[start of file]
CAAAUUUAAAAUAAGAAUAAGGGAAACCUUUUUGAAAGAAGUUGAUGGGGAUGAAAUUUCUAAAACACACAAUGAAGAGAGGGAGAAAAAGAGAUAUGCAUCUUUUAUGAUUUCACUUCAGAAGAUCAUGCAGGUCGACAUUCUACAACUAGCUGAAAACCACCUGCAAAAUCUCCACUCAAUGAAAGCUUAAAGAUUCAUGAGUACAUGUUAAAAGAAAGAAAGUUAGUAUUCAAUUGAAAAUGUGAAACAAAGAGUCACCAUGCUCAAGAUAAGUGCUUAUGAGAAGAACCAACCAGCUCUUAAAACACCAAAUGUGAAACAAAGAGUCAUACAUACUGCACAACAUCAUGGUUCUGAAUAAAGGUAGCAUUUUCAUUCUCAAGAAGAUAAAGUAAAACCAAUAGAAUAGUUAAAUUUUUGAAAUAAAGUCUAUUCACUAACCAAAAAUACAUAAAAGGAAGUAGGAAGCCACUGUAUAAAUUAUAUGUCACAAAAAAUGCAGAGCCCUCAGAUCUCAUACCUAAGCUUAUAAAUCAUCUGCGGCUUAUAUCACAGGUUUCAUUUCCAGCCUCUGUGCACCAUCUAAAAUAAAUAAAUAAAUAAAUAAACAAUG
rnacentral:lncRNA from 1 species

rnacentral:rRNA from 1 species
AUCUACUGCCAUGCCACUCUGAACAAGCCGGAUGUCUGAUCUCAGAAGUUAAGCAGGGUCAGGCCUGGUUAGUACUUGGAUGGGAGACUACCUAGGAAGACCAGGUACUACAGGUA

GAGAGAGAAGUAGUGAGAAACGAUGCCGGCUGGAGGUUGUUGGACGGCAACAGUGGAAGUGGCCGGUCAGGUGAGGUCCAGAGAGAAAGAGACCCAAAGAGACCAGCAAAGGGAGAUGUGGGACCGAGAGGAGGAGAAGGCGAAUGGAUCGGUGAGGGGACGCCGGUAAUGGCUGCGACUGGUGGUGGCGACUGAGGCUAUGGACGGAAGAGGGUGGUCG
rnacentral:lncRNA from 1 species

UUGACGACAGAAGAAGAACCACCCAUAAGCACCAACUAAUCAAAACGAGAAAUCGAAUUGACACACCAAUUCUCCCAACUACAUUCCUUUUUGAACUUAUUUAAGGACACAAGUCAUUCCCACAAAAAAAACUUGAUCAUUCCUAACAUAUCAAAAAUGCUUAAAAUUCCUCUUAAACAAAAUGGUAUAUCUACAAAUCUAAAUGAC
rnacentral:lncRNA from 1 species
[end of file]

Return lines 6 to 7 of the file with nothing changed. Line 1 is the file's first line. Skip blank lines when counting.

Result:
rnacentral:lncRNA from 1 species

UUGACGACAGAAGAAGAACCACCCAUAAGCACCAACUAAUCAAAACGAGAAAUCGAAUUGACACACCAAUUCUCCCAACUACAUUCCUUUUUGAACUUAUUUAAGGACACAAGUCAUUCCCACAAAAAAAACUUGAUCAUUCCUAACAUAUCAAAAAUGCUUAAAAUUCCUCUUAAACAAAAUGGUAUAUCUACAAAUCUAAAUGAC